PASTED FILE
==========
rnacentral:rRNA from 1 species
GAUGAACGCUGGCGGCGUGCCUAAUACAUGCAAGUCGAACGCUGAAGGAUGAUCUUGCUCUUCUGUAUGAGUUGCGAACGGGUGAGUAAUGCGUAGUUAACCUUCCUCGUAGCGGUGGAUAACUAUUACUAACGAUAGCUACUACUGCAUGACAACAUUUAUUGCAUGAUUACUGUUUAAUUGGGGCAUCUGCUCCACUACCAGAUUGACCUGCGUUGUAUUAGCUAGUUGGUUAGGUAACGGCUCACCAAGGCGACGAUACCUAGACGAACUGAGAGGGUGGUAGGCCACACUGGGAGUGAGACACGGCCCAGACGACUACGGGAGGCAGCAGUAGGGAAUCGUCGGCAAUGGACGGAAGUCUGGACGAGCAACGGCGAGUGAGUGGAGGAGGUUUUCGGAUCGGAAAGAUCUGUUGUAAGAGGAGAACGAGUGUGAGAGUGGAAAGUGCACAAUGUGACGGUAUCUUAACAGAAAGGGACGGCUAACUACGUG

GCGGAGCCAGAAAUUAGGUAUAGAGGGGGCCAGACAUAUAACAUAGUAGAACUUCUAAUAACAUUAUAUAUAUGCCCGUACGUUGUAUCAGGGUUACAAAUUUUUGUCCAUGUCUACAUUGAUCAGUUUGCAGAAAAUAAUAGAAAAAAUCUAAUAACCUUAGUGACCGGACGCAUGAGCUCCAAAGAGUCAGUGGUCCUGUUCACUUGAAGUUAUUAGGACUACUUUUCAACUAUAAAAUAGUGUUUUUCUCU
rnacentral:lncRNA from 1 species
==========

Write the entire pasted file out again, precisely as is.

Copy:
rnacentral:rRNA from 1 species
GAUGAACGCUGGCGGCGUGCCUAAUACAUGCAAGUCGAACGCUGAAGGAUGAUCUUGCUCUUCUGUAUGAGUUGCGAACGGGUGAGUAAUGCGUAGUUAACCUUCCUCGUAGCGGUGGAUAACUAUUACUAACGAUAGCUACUACUGCAUGACAACAUUUAUUGCAUGAUUACUGUUUAAUUGGGGCAUCUGCUCCACUACCAGAUUGACCUGCGUUGUAUUAGCUAGUUGGUUAGGUAACGGCUCACCAAGGCGACGAUACCUAGACGAACUGAGAGGGUGGUAGGCCACACUGGGAGUGAGACACGGCCCAGACGACUACGGGAGGCAGCAGUAGGGAAUCGUCGGCAAUGGACGGAAGUCUGGACGAGCAACGGCGAGUGAGUGGAGGAGGUUUUCGGAUCGGAAAGAUCUGUUGUAAGAGGAGAACGAGUGUGAGAGUGGAAAGUGCACAAUGUGACGGUAUCUUAACAGAAAGGGACGGCUAACUACGUG

GCGGAGCCAGAAAUUAGGUAUAGAGGGGGCCAGACAUAUAACAUAGUAGAACUUCUAAUAACAUUAUAUAUAUGCCCGUACGUUGUAUCAGGGUUACAAAUUUUUGUCCAUGUCUACAUUGAUCAGUUUGCAGAAAAUAAUAGAAAAAAUCUAAUAACCUUAGUGACCGGACGCAUGAGCUCCAAAGAGUCAGUGGUCCUGUUCACUUGAAGUUAUUAGGACUACUUUUCAACUAUAAAAUAGUGUUUUUCUCU
rnacentral:lncRNA from 1 species